Once these conditions are met, judicial deference can be seen as permissible in areas where the competition authority bases its determination on expert, economic knowledge. In this context, it has to be acknowledged that the theory of competition harm put forward by the competition authority does not have to be the only possible one. Also, the economic analysis might reach more than one well-founded conclusion. Because of that, the court, after reviewing the correctness of the competition authority’s statutory interpretation and non-economic factual findings and the authority’s adherence to procedural rules, should not replace the economic assessment of the competition authority with its own. This is conditioned on whether the competition authority provided in the justification of the decision a coherent reasoning of its economic assessment. Where the court saw the possibility of adopting an alternative assessment based on the evidence collected by the competition authority it should not do so if the economic assessment of the competition authority can be considered as one of the correct ones in the light of the competition authority’s overall findings. For instance, the competition authority’s determination of the relevant market supported by comprehensive economic analysis should be accepted by the court even if it could possibly define the market differently.
The place for judicial deference in Polish competition law
Recognition of the relevance of judicial deference does not automatically mean that the deferential style of judicial review is permissible in the given system of competition law. This depends on whether judicial deference permissibility conditions (discussed above) related to fairness, impartiality, and expertise in competition proceedings and to effective judicial review are met. Let me discuss this briefly in the Polish context. This is of direct relevance for the effectiveness of EU competition law since the EU member states competition authorities are obliged to enforce EU competition rules (Article 101-102 TFEU) whenever the practice is capable of affecting the trade between member states.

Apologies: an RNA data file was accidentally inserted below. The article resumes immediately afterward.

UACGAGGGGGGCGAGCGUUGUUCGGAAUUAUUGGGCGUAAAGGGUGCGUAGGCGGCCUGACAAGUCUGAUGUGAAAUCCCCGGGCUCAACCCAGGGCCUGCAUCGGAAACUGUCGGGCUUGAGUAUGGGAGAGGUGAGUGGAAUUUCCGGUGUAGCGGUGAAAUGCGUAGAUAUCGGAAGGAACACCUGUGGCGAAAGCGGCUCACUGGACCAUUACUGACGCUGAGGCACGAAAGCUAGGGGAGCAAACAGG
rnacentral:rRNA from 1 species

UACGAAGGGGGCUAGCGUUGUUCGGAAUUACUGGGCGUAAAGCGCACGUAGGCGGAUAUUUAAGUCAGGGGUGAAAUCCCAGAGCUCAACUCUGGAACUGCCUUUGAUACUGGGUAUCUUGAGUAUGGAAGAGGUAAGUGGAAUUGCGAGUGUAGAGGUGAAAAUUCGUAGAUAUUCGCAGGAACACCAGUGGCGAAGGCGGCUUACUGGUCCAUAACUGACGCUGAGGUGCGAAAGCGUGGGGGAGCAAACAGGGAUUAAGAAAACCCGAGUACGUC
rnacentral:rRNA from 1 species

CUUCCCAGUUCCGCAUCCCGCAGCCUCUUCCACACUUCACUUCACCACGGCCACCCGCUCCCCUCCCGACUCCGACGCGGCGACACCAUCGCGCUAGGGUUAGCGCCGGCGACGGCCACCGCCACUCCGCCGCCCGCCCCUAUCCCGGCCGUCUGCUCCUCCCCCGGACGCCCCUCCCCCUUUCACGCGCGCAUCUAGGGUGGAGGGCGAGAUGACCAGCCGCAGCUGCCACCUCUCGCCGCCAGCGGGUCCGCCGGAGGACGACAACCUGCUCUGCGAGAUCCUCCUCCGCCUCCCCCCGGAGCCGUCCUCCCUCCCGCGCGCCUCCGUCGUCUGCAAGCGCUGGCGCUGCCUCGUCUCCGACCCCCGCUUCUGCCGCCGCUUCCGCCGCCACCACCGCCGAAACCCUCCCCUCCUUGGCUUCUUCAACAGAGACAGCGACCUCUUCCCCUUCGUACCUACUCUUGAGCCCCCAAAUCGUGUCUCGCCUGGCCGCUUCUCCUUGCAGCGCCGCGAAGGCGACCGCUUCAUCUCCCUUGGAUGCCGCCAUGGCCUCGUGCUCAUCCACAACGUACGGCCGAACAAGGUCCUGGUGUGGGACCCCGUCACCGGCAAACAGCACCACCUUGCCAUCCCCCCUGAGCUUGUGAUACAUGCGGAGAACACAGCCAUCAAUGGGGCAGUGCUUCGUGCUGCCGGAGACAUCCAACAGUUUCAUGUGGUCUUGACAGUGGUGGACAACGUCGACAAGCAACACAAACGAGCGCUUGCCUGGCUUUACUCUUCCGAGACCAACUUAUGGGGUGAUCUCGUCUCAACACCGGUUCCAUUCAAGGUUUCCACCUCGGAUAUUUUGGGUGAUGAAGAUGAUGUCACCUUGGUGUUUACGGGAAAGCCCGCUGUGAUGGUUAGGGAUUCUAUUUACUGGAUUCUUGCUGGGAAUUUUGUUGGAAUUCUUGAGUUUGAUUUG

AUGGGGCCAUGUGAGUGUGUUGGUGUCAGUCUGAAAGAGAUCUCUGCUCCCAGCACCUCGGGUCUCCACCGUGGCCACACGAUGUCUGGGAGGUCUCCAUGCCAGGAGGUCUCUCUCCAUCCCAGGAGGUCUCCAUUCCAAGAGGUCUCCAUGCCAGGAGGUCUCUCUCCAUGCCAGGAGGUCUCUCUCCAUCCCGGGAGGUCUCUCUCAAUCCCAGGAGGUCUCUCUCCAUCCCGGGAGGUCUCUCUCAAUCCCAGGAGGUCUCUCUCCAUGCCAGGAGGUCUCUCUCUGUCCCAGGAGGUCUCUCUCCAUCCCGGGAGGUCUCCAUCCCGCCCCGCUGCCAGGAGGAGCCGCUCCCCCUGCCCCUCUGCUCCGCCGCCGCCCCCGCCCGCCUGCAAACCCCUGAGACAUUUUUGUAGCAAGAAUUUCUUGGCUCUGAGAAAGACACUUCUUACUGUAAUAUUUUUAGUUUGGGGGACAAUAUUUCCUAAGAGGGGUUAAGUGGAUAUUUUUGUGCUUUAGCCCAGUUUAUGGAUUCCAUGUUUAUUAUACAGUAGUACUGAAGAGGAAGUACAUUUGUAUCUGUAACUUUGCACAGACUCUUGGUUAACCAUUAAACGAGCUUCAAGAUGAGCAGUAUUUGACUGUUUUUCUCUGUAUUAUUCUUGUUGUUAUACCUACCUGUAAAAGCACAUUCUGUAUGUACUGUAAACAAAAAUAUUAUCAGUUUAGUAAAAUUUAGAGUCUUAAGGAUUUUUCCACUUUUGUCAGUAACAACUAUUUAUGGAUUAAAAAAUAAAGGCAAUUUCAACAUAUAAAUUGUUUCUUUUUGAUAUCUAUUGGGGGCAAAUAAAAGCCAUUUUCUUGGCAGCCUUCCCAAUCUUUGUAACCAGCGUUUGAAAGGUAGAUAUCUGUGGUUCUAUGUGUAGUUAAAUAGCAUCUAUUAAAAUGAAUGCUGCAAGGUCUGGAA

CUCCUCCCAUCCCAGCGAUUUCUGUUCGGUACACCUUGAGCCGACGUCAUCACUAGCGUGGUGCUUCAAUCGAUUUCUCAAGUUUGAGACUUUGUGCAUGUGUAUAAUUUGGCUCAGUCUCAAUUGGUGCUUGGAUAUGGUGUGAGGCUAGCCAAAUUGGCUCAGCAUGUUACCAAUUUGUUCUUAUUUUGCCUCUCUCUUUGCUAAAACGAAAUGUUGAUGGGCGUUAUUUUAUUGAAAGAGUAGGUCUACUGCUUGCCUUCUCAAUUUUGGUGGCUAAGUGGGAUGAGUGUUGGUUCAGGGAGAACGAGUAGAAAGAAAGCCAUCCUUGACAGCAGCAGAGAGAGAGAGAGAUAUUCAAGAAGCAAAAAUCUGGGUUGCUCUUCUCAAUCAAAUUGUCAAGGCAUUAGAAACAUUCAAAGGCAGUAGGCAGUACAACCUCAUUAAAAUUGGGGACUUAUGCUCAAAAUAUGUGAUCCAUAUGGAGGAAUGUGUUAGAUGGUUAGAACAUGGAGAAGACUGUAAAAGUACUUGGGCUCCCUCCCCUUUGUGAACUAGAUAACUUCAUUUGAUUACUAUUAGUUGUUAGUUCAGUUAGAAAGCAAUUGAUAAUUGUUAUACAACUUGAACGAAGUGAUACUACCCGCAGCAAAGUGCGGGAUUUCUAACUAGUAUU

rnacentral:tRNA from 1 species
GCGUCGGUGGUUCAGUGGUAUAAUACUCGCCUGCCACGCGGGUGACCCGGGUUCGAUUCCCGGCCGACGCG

First, the proceedings held before the Polish competition authority (Urzad Ochrony Konkurencji i Konsumentow, UOKiK) do not show the presence of the identified variables to a sufficient extent. Shortcomings with respect to the due process rights of the parties are still not fully resolved (even if one can observe improvements regarding for example statement of objections). This is, in particular, the case regarding the level of protection of legal professional privilege and privilege against self-incrimination since the clear legal basis in this respect is missing. Second, when it comes to the institutional set-up there is no division inside the UOKiK’s structure of investigatory functions and decision-making ones (no internal walls). The expertise and sufficient level of experience of the UOKiK President and UOKiK’s employees involved in competition proceedings are not fully guaranteed be it by the law or by UOKiK’s institutional organization. Often, the quality of the justification of UOKiK’s decisions faces criticism. In addition, the independence of the UOKiK President is not guaranteed by law (possibility of dismissal at any time at the Prime Minister’s will) which may – at least hypothetically – bring non-objective factors into the decision-making process. Lastly, the review by the Warsaw Competition Court often falls short of providing effective judicial review on the merits. Instead, the review provided by SOKiK tends to be superficial and formal. The judgments of SOKiK often do not offer sufficient own analysis on the merits (see for example the judgment of SOKiK in the interchange fee case), and its focus tends to be on fines rather than on substantive issues of the case before it.